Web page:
Is one player better, or co-op play? Or massively multiplayer online play? Playing games with friends is a very different experience to playing them on your own, first and foremost because the fun changes depending on how good your friends are. But the difference is a little deeper too - if we give them our full attention, games can have as much impact on our lives as any other art form.
Modern video games blur the lines between different purposes. Games began as exercises - friendly competition helped keep us at physical and mental peak, while developing social skills that improved our chances of mutual survival, and clearly some elements of these purposes survive in videogames today.
Games are also more and more a legitimate art form. Huge teams of talented individuals work hard to put enormous amounts of humanising detail into stories, visuals and sounds to create real emotional responses. But can even the most affecting of these replace the spontaneity of real human interaction?
Multiplayer games, still offer friendly teamwork and competition and unpredictable play to sharpen our wits and social skills, even if other players aren’t there in the room with you. But if single player games replace the erratic competition offered by people with pre-programmed events and neat storylines, do they in fact prepare us for a completely unreal world, like movies and TV can do? Living in the world rarely works out how you plan it to, but in a game world, more often than not practise and repetition of a small set of skills means that sooner or later everything goes your way, or at least the way that the game lets you go if you’re good enough.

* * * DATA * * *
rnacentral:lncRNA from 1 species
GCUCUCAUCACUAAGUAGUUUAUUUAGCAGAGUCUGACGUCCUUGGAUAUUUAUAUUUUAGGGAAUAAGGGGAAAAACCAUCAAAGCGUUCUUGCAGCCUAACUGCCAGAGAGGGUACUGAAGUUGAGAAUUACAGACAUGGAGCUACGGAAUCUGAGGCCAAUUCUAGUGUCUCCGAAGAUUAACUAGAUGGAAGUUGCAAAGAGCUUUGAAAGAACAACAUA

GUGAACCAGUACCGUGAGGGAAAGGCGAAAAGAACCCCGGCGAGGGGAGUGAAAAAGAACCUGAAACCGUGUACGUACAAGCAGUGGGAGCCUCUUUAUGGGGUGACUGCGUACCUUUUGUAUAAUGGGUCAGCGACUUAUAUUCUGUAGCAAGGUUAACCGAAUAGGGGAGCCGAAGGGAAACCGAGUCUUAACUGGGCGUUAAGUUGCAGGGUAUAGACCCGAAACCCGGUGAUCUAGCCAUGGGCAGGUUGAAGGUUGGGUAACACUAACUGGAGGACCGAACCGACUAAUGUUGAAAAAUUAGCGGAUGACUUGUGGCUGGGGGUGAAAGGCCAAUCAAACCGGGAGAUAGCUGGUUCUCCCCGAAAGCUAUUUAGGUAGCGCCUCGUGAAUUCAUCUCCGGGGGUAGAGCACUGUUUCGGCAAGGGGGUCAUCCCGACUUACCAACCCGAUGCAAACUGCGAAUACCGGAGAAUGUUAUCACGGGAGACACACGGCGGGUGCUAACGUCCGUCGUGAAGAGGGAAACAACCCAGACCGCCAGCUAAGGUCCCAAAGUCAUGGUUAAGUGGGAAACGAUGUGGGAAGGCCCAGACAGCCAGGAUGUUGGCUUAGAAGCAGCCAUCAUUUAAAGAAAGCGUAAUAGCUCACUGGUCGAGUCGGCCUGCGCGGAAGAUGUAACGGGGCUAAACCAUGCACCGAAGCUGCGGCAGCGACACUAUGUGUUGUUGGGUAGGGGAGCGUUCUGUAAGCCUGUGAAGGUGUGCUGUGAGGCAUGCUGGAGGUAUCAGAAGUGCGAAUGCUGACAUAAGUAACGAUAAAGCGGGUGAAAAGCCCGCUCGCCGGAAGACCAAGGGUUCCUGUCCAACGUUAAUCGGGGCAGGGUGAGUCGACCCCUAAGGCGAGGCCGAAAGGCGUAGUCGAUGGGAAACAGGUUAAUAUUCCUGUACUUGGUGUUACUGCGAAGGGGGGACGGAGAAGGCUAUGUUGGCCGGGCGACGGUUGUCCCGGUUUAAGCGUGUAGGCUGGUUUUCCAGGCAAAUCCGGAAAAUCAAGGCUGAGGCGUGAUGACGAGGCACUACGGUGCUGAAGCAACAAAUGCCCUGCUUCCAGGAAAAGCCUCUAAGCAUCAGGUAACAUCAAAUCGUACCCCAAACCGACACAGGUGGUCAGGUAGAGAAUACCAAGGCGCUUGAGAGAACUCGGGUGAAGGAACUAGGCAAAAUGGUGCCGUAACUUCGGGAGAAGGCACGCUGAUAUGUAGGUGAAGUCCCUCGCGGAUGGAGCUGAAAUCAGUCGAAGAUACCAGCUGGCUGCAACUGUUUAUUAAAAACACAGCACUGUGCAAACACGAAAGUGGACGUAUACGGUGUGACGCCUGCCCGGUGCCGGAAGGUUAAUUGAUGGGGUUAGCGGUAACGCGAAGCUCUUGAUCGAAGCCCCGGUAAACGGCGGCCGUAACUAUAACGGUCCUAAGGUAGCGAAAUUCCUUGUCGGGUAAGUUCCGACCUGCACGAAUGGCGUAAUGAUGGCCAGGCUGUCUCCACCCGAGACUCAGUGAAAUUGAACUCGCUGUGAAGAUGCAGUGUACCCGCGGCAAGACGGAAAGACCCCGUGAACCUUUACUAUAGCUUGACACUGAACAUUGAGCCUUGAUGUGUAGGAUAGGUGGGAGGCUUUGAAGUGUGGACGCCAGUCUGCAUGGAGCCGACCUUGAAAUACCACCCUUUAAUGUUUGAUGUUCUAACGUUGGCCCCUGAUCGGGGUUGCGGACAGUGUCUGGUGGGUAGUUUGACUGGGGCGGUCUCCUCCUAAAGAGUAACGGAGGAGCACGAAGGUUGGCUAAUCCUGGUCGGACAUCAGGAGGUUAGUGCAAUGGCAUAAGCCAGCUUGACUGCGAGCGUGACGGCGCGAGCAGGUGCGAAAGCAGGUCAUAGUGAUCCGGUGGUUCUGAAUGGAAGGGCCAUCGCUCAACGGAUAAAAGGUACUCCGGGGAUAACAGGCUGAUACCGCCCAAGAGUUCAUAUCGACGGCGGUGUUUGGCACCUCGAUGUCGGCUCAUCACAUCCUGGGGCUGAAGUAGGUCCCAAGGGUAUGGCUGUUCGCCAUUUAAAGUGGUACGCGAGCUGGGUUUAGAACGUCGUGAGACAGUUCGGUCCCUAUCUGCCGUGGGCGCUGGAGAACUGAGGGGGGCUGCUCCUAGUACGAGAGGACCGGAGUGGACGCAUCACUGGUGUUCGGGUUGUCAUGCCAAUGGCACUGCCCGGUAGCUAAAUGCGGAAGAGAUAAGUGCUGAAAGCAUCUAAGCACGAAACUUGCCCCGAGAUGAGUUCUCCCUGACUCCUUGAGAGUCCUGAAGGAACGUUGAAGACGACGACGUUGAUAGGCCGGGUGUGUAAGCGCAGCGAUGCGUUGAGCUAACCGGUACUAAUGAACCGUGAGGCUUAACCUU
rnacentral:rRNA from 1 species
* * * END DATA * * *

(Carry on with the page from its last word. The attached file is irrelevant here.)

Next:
Of course, there are experiences that might break this dichotomy. This War of Mine showed us how futile our efforts can be in the face of a world that doesn’t care about our hopes and dreams, and that even our hallowed humanity almost certainly has its limits. Is this a valuable life lesson of the sort games are supposed to teach us? It certainly isn’t a neatly wrapped story arc with a bow on top. That said, though - what does it teach us about how to live our lives? if our efforts will always eventually fail, what use is anything we do in the meantime? It's a truly punishing ‘game’, and the more you think about it a very strange thing to find amongst ‘I Am Bread’ and ‘Peggle Deluxe’ for commercial download on Steam, rather than in a dark corner of a War museum.
What is the scope of a game as impressive as we make ‘em today, and what purposes can they have? How has the intersection of mental exercises like digital Chess and Solitaire and perhaps the most immersive art form ever created affected our humanity, the norms of our society and our abilities to live in and cope with the world? Is one player better, or co-op play? Or massively multiplayer online play?